Data packet information is also provided within each packet to allow for a cyclic redundancy check (CRC) validation. A sequence number is provided within the packet data to allow packets to be re-ordered into the proper message sequence. The sequence number also provides a mechanism for catching duplicate packets, which can occur when back-channel information is missed due to severe fading.
Referring now to
In operation, if the CTS is detected and is properly verified as authentic, the calling radio will then proceed with a data transfer. The calling radio uses the data within the CTS data payload to obtain SNR and Doppler Spread estimates for the channel conditions that exist currently between the caller to the callee channel. The SNR and Doppler Spread information is combined with history data stored from previous traffic on the channel to select the initial constellation and coding rate for the initial first time on channel condition. This is the only time the algorithm uses SNR and Doppler Spread information to select the constellation and code rate.
As shown in
Once the demodulation, constellation/coding are configured, the channel is estimated from the known parameters (Block 264). The packet is demodulated using variable UK blocks (Block 266). De-interleaving occurs (Block 268) and soft-decisions are combined using the history of previous occurrences (Block 270). The packet is decoded (Block 172) and a cyclic redundancy check (CRC) is performed on the packet (Block 274). If the packet CRC is correct (Block 276), the packet status is considered correct (Block 278). At this point a clear code-combined history is investigated (Block 280) and the packet stored in a reorder buffer (Block 282). The SNR and Doppler Spread are encoded for node A to B (Block 286) and the ACK packet created (Block 288). The ACK burst is sent (Block 290) and if the receipt is complete (Block 292), the receiver is idle (Block 294). If the ACK burst that had been previously forwarded at Block 290 is not acceptable, then the search for the control burst occurs. If the packet CRC had not been corrected at Block 276, then the packet status is considered incorrect (Block 284) and the SNR and Doppler Spread for node A to B is encoded as at Block 286.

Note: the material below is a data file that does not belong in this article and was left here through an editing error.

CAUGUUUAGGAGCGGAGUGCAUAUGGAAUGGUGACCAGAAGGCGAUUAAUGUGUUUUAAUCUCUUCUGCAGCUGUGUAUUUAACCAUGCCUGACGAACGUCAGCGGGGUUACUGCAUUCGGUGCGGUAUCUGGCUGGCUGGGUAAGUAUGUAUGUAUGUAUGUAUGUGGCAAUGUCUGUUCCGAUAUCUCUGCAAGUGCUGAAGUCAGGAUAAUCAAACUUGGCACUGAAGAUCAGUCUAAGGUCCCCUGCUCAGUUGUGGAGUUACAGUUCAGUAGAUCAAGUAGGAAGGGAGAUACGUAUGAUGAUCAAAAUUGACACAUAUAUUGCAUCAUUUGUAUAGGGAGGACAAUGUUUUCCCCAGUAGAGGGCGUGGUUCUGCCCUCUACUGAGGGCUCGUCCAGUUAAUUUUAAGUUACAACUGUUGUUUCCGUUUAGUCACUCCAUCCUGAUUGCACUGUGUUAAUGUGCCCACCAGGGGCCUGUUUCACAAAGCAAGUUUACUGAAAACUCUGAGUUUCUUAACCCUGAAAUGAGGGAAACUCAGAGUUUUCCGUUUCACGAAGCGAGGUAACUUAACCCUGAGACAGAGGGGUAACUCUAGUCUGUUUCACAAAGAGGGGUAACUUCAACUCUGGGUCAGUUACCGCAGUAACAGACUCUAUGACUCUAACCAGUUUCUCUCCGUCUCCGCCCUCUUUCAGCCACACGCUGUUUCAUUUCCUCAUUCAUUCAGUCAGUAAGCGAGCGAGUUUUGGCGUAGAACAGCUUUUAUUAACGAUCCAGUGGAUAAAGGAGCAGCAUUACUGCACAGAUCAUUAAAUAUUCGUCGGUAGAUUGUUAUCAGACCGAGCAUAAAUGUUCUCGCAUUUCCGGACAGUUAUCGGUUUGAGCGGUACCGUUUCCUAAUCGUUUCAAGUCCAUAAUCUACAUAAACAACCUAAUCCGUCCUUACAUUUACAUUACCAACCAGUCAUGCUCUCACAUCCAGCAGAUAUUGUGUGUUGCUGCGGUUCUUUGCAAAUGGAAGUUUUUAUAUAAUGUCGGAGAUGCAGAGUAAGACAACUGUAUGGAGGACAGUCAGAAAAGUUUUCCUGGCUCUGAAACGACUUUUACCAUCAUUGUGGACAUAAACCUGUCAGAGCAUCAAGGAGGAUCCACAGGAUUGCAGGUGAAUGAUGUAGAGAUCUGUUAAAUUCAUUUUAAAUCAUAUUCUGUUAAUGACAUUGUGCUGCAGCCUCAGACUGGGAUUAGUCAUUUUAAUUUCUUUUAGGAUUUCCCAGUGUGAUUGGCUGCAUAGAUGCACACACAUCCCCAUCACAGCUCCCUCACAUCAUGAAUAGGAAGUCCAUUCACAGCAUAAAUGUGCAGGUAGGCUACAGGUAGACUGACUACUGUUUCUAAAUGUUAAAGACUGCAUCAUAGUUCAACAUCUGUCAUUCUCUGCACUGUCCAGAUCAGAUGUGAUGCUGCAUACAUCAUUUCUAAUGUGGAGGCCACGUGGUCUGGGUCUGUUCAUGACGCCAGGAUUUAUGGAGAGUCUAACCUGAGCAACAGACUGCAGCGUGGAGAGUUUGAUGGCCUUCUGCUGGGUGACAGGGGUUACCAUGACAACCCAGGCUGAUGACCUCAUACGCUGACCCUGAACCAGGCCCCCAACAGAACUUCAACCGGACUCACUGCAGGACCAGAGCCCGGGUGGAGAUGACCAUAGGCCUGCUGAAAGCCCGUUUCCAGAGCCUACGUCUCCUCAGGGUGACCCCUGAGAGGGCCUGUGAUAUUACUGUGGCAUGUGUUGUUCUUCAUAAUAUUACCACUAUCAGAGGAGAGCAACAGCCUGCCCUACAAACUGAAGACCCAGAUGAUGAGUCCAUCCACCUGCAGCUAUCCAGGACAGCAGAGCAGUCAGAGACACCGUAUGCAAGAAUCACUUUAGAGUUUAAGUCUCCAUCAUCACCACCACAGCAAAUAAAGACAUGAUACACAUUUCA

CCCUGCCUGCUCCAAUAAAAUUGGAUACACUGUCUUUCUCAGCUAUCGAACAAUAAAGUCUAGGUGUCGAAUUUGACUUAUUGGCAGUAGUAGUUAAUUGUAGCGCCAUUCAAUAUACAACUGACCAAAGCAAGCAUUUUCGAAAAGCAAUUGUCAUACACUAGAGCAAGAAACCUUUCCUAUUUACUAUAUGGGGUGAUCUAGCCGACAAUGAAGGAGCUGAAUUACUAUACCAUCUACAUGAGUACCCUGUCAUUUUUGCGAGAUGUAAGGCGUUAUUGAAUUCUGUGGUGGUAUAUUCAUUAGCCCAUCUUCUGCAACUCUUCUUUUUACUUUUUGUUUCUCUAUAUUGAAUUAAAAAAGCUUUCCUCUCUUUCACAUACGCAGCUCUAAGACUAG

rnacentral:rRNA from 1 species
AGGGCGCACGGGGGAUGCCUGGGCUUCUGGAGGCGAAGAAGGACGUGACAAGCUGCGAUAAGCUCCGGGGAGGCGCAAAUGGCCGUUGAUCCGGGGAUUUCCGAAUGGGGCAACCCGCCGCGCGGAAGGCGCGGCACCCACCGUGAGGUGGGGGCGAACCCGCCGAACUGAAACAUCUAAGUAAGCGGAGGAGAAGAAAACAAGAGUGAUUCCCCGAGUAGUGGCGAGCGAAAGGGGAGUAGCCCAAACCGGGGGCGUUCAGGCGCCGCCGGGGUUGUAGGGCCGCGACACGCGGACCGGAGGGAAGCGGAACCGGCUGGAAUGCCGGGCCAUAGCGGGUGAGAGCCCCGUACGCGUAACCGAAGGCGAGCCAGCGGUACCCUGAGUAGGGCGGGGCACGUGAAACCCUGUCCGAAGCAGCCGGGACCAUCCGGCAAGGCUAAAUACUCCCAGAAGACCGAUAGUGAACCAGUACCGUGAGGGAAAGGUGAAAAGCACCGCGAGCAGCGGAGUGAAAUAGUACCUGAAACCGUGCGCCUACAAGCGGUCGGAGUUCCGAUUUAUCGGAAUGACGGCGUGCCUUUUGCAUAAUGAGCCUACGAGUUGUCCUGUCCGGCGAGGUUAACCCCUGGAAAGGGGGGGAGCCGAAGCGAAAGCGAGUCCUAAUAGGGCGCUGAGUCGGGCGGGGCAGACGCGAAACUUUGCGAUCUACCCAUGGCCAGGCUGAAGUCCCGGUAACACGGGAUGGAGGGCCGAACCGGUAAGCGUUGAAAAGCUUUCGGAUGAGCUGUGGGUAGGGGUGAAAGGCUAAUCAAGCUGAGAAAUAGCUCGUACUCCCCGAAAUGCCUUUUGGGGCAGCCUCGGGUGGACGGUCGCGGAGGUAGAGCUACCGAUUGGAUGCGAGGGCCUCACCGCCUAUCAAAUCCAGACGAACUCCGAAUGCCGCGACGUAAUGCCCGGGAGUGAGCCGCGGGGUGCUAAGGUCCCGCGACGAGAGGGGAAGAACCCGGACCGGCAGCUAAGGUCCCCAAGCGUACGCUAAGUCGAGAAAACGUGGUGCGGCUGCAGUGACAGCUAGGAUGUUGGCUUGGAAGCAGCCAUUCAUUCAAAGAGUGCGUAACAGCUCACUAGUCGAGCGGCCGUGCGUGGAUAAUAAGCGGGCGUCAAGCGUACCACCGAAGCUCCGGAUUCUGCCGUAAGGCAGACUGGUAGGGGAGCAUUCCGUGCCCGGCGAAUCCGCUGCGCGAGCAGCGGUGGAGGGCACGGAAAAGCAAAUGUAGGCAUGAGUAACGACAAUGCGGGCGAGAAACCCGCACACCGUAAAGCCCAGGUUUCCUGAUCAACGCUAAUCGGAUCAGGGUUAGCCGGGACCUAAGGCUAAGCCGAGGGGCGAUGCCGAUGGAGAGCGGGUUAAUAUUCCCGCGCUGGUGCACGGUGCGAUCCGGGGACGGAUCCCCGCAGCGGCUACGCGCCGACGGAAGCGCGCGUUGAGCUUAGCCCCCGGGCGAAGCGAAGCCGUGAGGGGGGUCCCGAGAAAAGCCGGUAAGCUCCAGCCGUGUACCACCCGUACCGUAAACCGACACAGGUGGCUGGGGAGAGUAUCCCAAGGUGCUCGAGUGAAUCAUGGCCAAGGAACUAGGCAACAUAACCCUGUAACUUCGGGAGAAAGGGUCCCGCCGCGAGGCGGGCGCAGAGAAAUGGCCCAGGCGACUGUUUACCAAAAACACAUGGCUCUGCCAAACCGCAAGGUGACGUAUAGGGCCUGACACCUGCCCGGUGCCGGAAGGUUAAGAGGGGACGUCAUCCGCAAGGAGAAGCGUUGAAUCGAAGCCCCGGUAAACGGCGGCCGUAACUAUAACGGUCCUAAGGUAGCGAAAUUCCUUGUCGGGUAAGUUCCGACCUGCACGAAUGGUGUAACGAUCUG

A summary of the algorithm in code is given below.
The main processing steps in the execution of the invention is set
forth below and can be understood relative to the flow chart shown in
with FIGS. 4–7.